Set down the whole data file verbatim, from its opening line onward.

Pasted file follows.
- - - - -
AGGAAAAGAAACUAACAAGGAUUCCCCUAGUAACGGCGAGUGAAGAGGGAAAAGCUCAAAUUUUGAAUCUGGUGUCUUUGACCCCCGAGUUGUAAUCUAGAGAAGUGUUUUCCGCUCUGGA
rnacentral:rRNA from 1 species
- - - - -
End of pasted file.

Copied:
AGGAAAAGAAACUAACAAGGAUUCCCCUAGUAACGGCGAGUGAAGAGGGAAAAGCUCAAAUUUUGAAUCUGGUGUCUUUGACCCCCGAGUUGUAAUCUAGAGAAGUGUUUUCCGCUCUGGA
rnacentral:rRNA from 1 species